Durham University
Programme and Module Handbook

Postgraduate Programme and Module Handbook 2014-2015 (archived)

Module ANTH42815: Evolutionary Psychology

Department: Anthropology

ANTH42815: Evolutionary Psychology

Type Open Level 4 Credits 15 Availability Available in 2014/15 Module Cap


  • None


  • None

Excluded Combination of Modules

  • None


  • To introduce students to advanced topics in evolutionary theory as it relates to human behaviour
  • To compare and contrast different evolutionary approaches to understanding human behaviour, including those that focus on human universals and those that focus on variability
  • Special regard is paid to understanding key theoretical concepts and how these may be applied to experimental and observational studies of human behaviour.


  • Principles of evolutionary psychology and human behavioural ecology
  • Human mating strategies, including mate choice and intra-sexual competition
  • Evolution of human cooperation
  • Ecological influences on adaptive human behaviour
  • Evolutionary perspectives on the human brain and cognitive structure

Learning Outcomes

Subject-specific Knowledge:
  • A firm grasp of the theoretical bases of evolutionary approaches to understanding human behaviour.
  • An advanced understanding of how theoretical approaches have been applied to human behaviour, including an appreciation of the strengths and limitations of both the theories and the empirical evidence relating to them
Subject-specific Skills:
  • An ability to understand, critically examine and discuss the relevant literature, including evaluation of the strengths and limitations of theoretical models, quality of data, and the way that evidence is handled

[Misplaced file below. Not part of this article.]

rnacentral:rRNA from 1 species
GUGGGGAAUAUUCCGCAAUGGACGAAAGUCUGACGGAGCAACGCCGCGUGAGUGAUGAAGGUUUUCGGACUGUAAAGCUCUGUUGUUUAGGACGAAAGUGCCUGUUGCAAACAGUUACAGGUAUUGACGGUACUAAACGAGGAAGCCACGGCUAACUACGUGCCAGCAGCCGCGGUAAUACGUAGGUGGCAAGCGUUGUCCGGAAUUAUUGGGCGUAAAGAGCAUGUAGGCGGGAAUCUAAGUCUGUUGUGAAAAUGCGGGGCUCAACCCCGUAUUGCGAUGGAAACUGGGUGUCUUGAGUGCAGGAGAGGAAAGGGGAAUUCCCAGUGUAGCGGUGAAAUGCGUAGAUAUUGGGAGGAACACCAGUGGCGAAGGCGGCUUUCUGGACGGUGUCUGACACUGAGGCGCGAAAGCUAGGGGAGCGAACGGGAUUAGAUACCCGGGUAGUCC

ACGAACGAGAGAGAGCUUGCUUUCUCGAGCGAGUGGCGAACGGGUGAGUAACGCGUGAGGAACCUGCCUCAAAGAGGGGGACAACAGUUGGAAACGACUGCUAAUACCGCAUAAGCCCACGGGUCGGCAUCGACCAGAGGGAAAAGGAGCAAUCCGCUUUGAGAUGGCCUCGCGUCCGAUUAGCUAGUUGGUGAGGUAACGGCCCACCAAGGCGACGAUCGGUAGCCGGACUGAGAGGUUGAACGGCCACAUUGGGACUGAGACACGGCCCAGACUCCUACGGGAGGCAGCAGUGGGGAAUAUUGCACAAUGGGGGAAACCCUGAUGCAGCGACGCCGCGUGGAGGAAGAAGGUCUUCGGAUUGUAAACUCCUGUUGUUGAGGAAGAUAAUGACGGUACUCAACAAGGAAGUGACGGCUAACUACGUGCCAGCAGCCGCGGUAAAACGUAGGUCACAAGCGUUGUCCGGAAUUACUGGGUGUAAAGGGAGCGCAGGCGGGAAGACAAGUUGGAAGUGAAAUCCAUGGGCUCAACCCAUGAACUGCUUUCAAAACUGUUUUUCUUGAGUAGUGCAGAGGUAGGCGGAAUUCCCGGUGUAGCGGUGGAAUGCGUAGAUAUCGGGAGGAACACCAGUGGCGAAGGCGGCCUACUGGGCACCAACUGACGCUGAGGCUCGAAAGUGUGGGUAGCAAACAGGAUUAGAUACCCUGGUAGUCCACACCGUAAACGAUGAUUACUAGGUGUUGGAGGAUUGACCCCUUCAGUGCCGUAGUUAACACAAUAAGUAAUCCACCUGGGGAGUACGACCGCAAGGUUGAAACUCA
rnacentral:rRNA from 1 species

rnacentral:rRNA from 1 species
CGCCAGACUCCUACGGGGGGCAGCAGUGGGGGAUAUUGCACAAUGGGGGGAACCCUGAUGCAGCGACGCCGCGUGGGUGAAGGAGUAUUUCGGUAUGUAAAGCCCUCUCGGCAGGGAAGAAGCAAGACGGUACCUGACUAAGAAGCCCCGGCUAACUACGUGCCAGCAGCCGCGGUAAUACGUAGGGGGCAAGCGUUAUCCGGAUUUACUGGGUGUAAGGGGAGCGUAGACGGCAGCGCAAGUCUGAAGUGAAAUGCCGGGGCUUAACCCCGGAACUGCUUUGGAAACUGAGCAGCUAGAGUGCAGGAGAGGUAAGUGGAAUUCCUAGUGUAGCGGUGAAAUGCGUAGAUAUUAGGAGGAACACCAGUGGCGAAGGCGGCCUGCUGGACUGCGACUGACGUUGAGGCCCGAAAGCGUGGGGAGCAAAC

• Ability to think creatively and rigorously about how theory and evidence could be strengthened
Key Skills:
  • Presentation skills based on the preparation and delivery of oral presentations of key points in set topics.
  • Essay writing based on independent reading used to address novel issues at an advanced level.
  • Students should be able to express themselves clearly and concisely on technical topics, and explain why particular issues are important and/or controversial

Modes of Teaching, Learning and Assessment and how these contribute to the learning outcomes of the module

  • Seminars. Seminars centred on student presentations allow students to interrogate the primary literature and key arguments of important topics in evolutionary psychology.
  • Final written examinations test assimilated knowledge and understanding and the ability to write succinctly and analytically at short notice.
  • Formative assessment is given on one essay plan.
  • Formative feedback is given for seminar presentations

Teaching Methods and Learning Hours

Activity Number Frequency Duration Total/Hours
Seminars 11 weekly 1 hour 11
Revision class 1 once 1 hour 1
Preparation & Reading 138
Total 150

Summative Assessment

Component: Exam Component Weighting: 67%
Element Length / duration Element Weighting Resit Opportunity
Exam 2 hours 100%
Component: Coursework Component Weighting: 33%
Element Length / duration Element Weighting Resit Opportunity
Presentation file 1,000 words 100%

Formative Assessment:

Formative assessment is given for one essay plan. Formative feedback is given for seminar presentations

Attendance at all activities marked with this symbol will be monitored. Students who fail to attend these activities, or to complete the summative or formative assessment specified above, will be subject to the procedures defined in the University's General Regulation V, and may be required to leave the University